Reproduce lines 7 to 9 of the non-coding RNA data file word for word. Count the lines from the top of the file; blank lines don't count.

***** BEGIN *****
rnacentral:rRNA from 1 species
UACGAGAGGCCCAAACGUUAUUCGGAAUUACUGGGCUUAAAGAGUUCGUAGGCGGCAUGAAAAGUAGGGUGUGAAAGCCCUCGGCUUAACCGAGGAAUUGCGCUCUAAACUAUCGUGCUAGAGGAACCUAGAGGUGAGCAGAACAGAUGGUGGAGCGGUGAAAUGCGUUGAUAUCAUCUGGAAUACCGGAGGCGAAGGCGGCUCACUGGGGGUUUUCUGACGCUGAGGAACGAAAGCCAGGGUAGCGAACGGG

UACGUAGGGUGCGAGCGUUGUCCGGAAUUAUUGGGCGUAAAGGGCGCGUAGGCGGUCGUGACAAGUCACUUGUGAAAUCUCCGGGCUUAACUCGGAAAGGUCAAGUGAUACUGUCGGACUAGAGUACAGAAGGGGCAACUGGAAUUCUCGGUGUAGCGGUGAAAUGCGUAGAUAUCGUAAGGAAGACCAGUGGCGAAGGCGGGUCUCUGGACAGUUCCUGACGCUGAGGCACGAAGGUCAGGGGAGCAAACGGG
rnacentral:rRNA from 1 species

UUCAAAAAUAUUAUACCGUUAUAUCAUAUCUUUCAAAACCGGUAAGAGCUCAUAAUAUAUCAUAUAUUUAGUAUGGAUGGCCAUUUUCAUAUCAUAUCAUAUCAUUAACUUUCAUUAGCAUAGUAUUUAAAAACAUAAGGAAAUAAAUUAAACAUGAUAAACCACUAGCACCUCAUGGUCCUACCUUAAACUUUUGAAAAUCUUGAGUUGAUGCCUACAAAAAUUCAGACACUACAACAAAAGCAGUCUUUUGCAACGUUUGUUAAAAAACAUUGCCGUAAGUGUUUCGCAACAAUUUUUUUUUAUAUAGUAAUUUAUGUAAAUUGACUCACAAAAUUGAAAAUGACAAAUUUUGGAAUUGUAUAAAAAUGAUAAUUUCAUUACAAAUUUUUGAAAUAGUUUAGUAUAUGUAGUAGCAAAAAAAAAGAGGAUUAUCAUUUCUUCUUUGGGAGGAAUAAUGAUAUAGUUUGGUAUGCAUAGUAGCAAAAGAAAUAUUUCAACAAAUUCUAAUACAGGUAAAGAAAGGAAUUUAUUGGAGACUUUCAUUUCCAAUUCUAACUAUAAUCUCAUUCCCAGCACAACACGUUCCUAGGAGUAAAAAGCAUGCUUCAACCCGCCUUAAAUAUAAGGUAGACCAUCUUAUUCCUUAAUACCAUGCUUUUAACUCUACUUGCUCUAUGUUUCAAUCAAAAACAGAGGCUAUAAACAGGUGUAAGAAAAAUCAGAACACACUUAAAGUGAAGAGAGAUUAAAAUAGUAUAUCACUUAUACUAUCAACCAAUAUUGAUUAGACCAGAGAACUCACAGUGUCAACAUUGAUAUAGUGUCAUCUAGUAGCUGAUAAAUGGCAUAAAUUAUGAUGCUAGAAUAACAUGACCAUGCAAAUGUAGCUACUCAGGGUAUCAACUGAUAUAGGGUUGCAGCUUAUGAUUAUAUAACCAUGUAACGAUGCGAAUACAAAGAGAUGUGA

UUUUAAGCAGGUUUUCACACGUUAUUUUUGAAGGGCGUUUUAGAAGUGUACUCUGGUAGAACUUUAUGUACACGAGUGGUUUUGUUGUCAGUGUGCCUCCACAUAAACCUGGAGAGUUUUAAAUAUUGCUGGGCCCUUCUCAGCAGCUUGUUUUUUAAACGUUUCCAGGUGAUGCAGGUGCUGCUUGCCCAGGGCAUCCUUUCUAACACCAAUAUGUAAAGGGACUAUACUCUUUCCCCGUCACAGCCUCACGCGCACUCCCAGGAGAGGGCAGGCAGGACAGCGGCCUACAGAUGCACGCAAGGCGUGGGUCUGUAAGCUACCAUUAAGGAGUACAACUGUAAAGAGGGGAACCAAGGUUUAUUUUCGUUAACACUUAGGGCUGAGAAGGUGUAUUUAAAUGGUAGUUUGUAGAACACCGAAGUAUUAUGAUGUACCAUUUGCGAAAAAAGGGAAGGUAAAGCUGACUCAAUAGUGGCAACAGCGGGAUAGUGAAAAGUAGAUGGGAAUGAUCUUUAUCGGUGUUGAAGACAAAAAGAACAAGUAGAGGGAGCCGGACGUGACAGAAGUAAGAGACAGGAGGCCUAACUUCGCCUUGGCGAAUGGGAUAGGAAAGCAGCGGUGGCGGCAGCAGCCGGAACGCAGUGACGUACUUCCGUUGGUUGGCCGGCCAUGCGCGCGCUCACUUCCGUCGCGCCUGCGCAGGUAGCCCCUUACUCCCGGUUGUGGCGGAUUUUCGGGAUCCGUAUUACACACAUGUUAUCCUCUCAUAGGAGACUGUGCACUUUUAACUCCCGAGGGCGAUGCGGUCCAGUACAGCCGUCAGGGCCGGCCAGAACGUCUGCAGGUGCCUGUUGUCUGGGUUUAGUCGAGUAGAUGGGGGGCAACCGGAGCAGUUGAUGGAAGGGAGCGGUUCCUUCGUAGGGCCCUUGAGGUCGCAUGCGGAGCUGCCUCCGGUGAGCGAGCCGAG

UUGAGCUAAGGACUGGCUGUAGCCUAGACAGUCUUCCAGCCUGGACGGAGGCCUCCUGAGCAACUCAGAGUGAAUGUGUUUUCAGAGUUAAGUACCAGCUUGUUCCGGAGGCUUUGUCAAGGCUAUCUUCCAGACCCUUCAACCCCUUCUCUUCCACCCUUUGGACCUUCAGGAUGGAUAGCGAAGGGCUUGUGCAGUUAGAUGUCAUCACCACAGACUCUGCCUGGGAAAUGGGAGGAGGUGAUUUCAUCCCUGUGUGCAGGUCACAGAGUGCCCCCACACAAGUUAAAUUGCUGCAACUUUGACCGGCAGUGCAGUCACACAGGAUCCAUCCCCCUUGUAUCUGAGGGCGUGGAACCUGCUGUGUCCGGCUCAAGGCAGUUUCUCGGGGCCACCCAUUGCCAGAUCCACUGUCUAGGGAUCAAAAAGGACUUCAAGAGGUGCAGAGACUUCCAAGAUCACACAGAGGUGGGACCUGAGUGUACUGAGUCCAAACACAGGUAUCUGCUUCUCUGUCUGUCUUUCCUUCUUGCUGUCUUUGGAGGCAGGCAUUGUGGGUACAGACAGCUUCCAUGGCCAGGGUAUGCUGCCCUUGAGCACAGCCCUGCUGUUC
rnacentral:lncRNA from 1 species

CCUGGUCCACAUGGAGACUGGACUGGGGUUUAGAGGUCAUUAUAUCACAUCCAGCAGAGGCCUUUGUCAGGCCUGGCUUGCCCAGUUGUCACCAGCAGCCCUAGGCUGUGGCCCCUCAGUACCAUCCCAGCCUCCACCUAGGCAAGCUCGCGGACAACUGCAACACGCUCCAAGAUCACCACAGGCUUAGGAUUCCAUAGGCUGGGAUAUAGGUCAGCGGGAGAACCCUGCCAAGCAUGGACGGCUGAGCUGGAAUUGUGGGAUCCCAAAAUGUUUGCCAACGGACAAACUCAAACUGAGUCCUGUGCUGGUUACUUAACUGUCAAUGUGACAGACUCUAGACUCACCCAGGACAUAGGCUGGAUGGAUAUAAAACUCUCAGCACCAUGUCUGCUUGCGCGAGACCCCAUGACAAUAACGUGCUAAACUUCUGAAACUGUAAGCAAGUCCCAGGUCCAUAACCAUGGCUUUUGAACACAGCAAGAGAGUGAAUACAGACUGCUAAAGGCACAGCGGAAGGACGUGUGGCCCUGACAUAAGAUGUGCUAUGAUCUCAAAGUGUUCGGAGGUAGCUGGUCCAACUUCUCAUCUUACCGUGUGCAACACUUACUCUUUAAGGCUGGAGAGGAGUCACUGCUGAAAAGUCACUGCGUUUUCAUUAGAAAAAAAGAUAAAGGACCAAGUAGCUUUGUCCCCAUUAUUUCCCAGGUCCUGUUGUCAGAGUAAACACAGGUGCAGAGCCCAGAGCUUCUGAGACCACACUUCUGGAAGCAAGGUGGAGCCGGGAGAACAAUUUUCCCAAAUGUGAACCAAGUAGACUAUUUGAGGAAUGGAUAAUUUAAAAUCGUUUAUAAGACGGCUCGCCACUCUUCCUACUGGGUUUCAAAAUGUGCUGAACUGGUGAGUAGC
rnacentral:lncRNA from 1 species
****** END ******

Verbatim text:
UUGAGCUAAGGACUGGCUGUAGCCUAGACAGUCUUCCAGCCUGGACGGAGGCCUCCUGAGCAACUCAGAGUGAAUGUGUUUUCAGAGUUAAGUACCAGCUUGUUCCGGAGGCUUUGUCAAGGCUAUCUUCCAGACCCUUCAACCCCUUCUCUUCCACCCUUUGGACCUUCAGGAUGGAUAGCGAAGGGCUUGUGCAGUUAGAUGUCAUCACCACAGACUCUGCCUGGGAAAUGGGAGGAGGUGAUUUCAUCCCUGUGUGCAGGUCACAGAGUGCCCCCACACAAGUUAAAUUGCUGCAACUUUGACCGGCAGUGCAGUCACACAGGAUCCAUCCCCCUUGUAUCUGAGGGCGUGGAACCUGCUGUGUCCGGCUCAAGGCAGUUUCUCGGGGCCACCCAUUGCCAGAUCCACUGUCUAGGGAUCAAAAAGGACUUCAAGAGGUGCAGAGACUUCCAAGAUCACACAGAGGUGGGACCUGAGUGUACUGAGUCCAAACACAGGUAUCUGCUUCUCUGUCUGUCUUUCCUUCUUGCUGUCUUUGGAGGCAGGCAUUGUGGGUACAGACAGCUUCCAUGGCCAGGGUAUGCUGCCCUUGAGCACAGCCCUGCUGUUC
rnacentral:lncRNA from 1 species

CCUGGUCCACAUGGAGACUGGACUGGGGUUUAGAGGUCAUUAUAUCACAUCCAGCAGAGGCCUUUGUCAGGCCUGGCUUGCCCAGUUGUCACCAGCAGCCCUAGGCUGUGGCCCCUCAGUACCAUCCCAGCCUCCACCUAGGCAAGCUCGCGGACAACUGCAACACGCUCCAAGAUCACCACAGGCUUAGGAUUCCAUAGGCUGGGAUAUAGGUCAGCGGGAGAACCCUGCCAAGCAUGGACGGCUGAGCUGGAAUUGUGGGAUCCCAAAAUGUUUGCCAACGGACAAACUCAAACUGAGUCCUGUGCUGGUUACUUAACUGUCAAUGUGACAGACUCUAGACUCACCCAGGACAUAGGCUGGAUGGAUAUAAAACUCUCAGCACCAUGUCUGCUUGCGCGAGACCCCAUGACAAUAACGUGCUAAACUUCUGAAACUGUAAGCAAGUCCCAGGUCCAUAACCAUGGCUUUUGAACACAGCAAGAGAGUGAAUACAGACUGCUAAAGGCACAGCGGAAGGACGUGUGGCCCUGACAUAAGAUGUGCUAUGAUCUCAAAGUGUUCGGAGGUAGCUGGUCCAACUUCUCAUCUUACCGUGUGCAACACUUACUCUUUAAGGCUGGAGAGGAGUCACUGCUGAAAAGUCACUGCGUUUUCAUUAGAAAAAAAGAUAAAGGACCAAGUAGCUUUGUCCCCAUUAUUUCCCAGGUCCUGUUGUCAGAGUAAACACAGGUGCAGAGCCCAGAGCUUCUGAGACCACACUUCUGGAAGCAAGGUGGAGCCGGGAGAACAAUUUUCCCAAAUGUGAACCAAGUAGACUAUUUGAGGAAUGGAUAAUUUAAAAUCGUUUAUAAGACGGCUCGCCACUCUUCCUACUGGGUUUCAAAAUGUGCUGAACUGGUGAGUAGC